THE Trinbago Unified Calypsonians Organisation (TUCO) has recognised the contributions of 20 musicians and calypsonians who died in 2021 and 2022.
On Wednesday, during a short thanksgiving service for Calypso Month, at the VIP Lounge, Grand Stand, Queen’s Park Savannah TUCO urged all members of the fraternity to use this time to reflect and honour the contribution of those who have gone before and to preserve the artform in the coming years.
Among those honoured were composer, promoter and CEO of Community Based Calypso Tent Gordon Thomas and Lancelot Nicholls, bass guitarist, who played at the major calypso tents for over 40 years.
TUCO also remembered the contribution of Kenwrick Joseph “Kenny J” after his death on January 2 this year of covid19, calypsonian Clifton “Mighty Bomber” Ryan, radio personality David Elcock and soca artiste Dexter “Blaxx” Stewart.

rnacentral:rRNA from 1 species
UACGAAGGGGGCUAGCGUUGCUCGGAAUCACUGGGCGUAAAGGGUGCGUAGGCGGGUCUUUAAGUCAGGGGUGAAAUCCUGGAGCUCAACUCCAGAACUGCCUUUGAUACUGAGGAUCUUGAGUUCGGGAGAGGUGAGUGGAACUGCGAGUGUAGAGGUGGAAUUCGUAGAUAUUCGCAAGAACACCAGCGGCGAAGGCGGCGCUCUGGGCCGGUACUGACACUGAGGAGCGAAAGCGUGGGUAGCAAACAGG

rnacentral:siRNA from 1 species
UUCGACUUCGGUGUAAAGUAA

Blaxx died at the ICU of the Arima Hospital on March 28 after contracting covid19.
TUCO also spoke of the dedication of Humming Bird Medal (silver) recipient, steelband arranger, chorister and UTT lecturer Desmond Waithe. After the news of his death on April 20, Pan Trinbago praised Waithe for his significant contribution to the steelpan community and TT’s culture.
TUCO president Ainsley King, in a feature address read by TUCO member Shirlane Hendrickson, said TUCO will continue to ensure the hard work and contributions of calypsonians and all other stakeholders are shared worldwide.
“We continue, despite all the challenges incurred by the onslaught of covid19 across the globe, to work on this calypso artform to be incorporated as an official part of schools’ curriculum.
“Calypso covers so many issues which affect humanity, and yet the artform is not featured on events of much national debate and discussion.”